There’s No Better Time Than Now To Review Estate Plans & Wealth Transfer Opportunities
There are several significant factors indicating that this is a good time to revisit your estate plan. The impact of the novel coronavirus (COVID-19) and the resulting economic uncertainty, as well as the uncertainty of our future tax environment, has left many individuals wondering how to put their best foot forward. While it is difficult to find silver linings in the disruptive pandemic, it has at least created wealth transfer opportunities for those high-net-worth families who are, or could become, subject to Federal, and possibly state, estate, gift and inheritance taxes.
Here are some important reasons why you should revisit your estate plan before year-end:
- The federal estate tax exemption, which is the amount of assets every individual can transfer during life or at death without the payment of estate or gift tax, is $11,580,000 for 2020. The combination of this high federal exemption, market volatility and historically low interest rates creates an excellent opportunity for lifetime wealth transfers such as gifts and sales to dynasty trusts and/or grantor retained annuity trusts. By making a transfer at this time, a significant amount of the growth and appreciation of the assets can be transferred for the benefit of beneficiaries, free of any gift or future estate tax. The federal exemption is scheduled to decrease to approximately $6.5 million on January 1, 2026 and could potentially decrease to a lesser amount before then, depending on the Presidential/Congressional election results in November.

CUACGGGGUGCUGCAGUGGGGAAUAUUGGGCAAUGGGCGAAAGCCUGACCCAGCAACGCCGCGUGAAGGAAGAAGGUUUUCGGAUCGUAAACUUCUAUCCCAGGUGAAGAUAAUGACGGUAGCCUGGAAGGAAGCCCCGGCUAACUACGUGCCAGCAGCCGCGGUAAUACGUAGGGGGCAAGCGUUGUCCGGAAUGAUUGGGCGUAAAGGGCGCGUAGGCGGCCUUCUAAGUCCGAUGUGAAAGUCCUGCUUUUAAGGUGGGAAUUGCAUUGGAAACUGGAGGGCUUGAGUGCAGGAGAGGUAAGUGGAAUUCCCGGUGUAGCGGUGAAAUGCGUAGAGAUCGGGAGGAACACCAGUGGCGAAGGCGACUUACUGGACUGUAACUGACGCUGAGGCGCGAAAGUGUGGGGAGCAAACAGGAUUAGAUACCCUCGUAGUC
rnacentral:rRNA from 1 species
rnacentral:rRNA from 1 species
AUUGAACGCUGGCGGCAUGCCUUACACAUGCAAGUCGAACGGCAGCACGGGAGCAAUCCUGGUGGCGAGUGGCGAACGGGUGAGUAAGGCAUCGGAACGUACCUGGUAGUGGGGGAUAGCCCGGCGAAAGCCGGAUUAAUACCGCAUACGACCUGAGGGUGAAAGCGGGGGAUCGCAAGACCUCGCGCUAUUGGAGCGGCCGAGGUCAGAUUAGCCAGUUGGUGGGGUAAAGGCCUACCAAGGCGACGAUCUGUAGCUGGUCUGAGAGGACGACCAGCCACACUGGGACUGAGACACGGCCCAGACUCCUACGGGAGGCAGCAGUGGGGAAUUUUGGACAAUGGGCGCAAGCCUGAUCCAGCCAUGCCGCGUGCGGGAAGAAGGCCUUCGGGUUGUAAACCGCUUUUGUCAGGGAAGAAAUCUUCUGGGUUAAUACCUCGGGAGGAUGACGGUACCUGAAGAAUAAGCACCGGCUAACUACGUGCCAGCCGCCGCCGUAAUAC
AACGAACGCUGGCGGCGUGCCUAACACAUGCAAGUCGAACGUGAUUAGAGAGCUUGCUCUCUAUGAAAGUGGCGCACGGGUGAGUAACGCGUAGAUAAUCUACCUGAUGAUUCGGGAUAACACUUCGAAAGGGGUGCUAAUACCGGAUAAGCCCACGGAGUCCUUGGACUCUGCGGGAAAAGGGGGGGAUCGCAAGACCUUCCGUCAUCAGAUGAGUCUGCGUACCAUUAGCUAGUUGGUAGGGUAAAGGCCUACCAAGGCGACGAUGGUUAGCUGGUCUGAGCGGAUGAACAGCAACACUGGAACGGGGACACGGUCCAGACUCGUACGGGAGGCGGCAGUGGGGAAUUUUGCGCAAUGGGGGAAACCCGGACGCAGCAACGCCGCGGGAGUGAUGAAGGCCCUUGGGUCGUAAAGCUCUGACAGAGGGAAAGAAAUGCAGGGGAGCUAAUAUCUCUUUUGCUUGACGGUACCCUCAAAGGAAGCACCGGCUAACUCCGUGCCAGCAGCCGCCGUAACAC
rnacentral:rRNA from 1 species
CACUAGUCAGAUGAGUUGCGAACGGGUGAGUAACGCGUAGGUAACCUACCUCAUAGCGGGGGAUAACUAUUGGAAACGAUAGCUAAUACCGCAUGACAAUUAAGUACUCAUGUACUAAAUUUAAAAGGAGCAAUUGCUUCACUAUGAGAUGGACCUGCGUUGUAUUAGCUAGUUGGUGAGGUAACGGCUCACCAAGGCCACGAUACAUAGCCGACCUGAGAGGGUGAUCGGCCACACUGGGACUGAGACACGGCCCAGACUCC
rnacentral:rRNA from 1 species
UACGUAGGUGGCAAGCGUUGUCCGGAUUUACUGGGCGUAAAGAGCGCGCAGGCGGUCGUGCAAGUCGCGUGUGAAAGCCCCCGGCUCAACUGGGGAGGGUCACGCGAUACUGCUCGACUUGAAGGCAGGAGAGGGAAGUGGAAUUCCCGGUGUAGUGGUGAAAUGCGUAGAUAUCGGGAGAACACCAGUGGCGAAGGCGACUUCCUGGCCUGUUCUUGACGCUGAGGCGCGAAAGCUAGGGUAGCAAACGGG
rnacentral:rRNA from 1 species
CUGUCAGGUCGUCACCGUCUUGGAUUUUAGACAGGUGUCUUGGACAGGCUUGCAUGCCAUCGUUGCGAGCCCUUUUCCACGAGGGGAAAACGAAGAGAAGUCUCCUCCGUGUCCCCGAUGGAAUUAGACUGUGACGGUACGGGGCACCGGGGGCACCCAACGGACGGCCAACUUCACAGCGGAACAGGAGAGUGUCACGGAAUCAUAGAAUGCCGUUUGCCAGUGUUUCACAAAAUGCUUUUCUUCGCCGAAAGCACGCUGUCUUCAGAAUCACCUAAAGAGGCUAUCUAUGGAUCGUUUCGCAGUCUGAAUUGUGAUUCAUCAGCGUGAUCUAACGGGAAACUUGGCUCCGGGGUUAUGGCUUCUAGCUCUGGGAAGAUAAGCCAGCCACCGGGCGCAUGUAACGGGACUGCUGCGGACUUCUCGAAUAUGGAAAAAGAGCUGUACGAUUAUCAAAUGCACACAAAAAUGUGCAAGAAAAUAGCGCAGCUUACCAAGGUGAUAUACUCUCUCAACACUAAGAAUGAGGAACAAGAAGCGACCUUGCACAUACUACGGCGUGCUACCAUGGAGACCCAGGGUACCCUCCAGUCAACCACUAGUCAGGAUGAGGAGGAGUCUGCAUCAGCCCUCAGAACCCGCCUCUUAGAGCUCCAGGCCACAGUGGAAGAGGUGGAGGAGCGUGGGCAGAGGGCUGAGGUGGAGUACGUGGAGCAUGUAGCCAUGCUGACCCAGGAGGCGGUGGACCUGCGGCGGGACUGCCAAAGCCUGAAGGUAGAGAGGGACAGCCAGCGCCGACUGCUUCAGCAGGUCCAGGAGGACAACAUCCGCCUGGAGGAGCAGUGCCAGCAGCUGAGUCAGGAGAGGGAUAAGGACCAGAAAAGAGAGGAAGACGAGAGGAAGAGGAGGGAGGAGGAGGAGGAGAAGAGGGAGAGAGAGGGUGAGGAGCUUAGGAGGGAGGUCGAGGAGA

- As a result of the pandemic, many states were hit hard economically, leaving them short revenue. States will be looking to find ways to make up for this shortfall, including increasing taxes. Although several states, including New Jersey, have repealed their estate tax, it’s possible some states could bring back their estate tax to help raise revenues. Prior to repeal on January 1, 2018, New Jersey imposed a tax on estates exceeding $2 million, and continues to impose an inheritance tax.
- New York imposed a tax on estates in excess of approximately $5.85 million as of January 1, 2020. This amount is also indexed for inflation. Because the exemption in New York is not equal to the federal exemption, a New York domiciliary’s estate may still be subject to New York Estate Tax, even if exempt from federal tax.
- The historically low interest rates we are now seeing provides an ideal environment for estate tax mitigation techniques such as Grantor Retained Annuity Trusts (“GRATS”), and other advanced tools.
- Unfortunately, the pandemic may have negatively affected the value of your closely held business or other investments. The silver lining is that this provides an opportunity to gift some of these assets at lower values, therefore, preserving more of your lifetime exemption.
- The SECURE Act, which took effect on January 1, 2020, made significant changes to individual retirement accounts and qualified plans. Prior to January 1, 2020, a beneficiary (other than the account owner’s spouse) who inherited a retirement account had the ability to take withdrawals from the account over their lifetime. Now, most non-spouse beneficiaries will be required to withdraw assets from an inherited retirement account within 10 years of the owner’s death. This change impacts many estate plans which established trusts to hold retirement assets.
In light of these changes and our current challenges, it is important to have an equipped advisor in your corner, helping to navigate the uncertainties and to capture every beneficial opportunity possible. Should you have any questions with regards to your estate plan and/or wealth transfer options, feel free to reach out to your Sax advisor for guidance.
Lawrence M. Gradzki, CPA, JD, LLM is a Partner at Sax and Head of the firm’s Trust & Estate Practice. He specializes in tax planning for closely held businesses and high-net-worth individuals. He can be reached at [email protected].